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Old 11-16-04, 07:12 PM
KarenC KarenC is offline

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Amy and At-Wits-End -

I've been where you are. It can be incredibly frustrating and sometimes alienating. Here are a few things that have helped me cope.

1. Therapy on my own for anger issues which was really an anxiety problem manifesting itself as anger.

2. Letting my husband's smaller daily struggles be his own. This is very very difficult because of our natural desire to step in and help. If our help is unasked-for, it only makes your partner feel like a child and doesn't help him/her on the skills that they need to work on. If he askes me to help find his keys, remind him of something, schedule something, etc, I'll gladly pitch in. I'm more proactive in the bigger things that affect us as a couple and have found that this relieves me of the daily kvetching.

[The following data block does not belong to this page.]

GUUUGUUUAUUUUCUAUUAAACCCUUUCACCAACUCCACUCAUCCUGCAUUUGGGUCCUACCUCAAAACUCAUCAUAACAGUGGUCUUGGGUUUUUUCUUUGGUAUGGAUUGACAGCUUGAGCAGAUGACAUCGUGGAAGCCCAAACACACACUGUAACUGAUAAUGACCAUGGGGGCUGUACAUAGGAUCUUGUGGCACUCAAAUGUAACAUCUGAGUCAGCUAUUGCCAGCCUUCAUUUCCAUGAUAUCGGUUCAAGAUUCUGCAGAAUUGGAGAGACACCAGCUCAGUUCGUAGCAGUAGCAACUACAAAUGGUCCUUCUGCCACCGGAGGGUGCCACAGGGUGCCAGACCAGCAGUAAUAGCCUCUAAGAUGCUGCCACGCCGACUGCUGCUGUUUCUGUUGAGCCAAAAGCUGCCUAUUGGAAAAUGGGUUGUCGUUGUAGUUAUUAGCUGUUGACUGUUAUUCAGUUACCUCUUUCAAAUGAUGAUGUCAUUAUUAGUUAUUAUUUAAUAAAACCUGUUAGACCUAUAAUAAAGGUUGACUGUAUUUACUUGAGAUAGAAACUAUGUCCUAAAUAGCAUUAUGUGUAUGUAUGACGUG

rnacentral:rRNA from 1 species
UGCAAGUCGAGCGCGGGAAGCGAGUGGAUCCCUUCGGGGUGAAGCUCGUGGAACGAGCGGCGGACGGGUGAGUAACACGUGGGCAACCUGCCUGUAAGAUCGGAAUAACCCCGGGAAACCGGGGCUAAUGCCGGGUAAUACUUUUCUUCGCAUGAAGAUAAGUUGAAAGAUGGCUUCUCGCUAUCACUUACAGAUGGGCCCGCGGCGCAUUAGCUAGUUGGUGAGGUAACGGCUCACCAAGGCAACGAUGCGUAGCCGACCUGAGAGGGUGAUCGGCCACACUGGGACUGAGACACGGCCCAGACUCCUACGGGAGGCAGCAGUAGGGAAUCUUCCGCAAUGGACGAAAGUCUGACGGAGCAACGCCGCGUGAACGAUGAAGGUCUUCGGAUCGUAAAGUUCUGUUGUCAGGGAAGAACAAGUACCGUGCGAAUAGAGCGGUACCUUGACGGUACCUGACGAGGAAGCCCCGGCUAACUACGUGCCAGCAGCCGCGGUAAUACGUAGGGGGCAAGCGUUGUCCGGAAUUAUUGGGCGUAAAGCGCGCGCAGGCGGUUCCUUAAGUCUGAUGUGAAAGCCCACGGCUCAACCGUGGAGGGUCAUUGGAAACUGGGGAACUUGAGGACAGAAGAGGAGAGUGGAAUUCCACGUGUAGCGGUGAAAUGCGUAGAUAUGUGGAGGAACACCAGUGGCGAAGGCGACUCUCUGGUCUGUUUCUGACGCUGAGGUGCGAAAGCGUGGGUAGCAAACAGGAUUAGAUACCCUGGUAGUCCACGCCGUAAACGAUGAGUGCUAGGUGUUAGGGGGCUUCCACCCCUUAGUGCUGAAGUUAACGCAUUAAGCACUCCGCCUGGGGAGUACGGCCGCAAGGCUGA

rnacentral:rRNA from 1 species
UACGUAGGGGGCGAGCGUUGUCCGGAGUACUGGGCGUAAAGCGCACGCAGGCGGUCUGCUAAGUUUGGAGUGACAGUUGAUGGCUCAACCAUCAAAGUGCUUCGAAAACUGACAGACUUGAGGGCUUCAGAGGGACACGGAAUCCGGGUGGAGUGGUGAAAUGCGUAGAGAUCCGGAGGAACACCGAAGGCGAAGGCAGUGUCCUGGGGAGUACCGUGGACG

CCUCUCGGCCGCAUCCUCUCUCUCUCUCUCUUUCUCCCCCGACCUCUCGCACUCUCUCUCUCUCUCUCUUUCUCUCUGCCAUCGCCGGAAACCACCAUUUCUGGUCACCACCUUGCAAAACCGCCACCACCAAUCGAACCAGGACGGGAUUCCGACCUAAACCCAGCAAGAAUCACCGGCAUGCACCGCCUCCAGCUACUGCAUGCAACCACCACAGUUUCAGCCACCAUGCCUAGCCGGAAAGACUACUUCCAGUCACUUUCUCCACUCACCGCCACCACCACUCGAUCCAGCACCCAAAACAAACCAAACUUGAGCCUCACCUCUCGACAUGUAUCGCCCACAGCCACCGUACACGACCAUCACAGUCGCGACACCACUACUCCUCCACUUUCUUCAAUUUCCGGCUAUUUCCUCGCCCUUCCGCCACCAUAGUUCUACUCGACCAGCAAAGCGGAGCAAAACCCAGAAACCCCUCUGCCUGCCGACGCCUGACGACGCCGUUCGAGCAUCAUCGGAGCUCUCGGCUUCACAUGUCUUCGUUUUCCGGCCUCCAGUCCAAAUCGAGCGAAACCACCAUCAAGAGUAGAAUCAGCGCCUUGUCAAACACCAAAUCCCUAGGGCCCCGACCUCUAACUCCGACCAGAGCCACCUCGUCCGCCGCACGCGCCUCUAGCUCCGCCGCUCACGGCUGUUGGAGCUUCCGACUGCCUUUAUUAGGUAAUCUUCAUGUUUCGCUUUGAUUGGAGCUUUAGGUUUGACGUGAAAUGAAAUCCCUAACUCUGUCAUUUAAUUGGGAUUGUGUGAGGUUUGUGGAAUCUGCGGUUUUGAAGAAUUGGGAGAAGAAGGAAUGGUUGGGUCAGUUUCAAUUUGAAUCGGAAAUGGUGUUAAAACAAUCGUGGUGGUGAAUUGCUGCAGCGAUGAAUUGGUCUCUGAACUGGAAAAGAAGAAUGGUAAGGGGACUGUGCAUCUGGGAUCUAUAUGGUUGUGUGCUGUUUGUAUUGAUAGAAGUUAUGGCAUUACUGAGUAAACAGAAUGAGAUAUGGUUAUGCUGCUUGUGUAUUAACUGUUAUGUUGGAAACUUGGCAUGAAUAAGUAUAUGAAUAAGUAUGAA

3. Don't expect the ADD to be totally fixed with drugs and therapy. These help but the underlying condition is there. Setting your expectations on a total cure will only lead to dissapointment and frustration for both of you.

Besides doesn't "fixing" imply that your partner is essentially "broken." How do you think that makes them feel? If your partner had, say, diabetes, would you expect them to be cured? No - you'd expect that they be treated.

I hope some of this helps. Despite these strategies, I still get angry and frustrated sometimes but that's true for any relationship. Try to remember and celebrate the things that attracted you to your partner in the first place.
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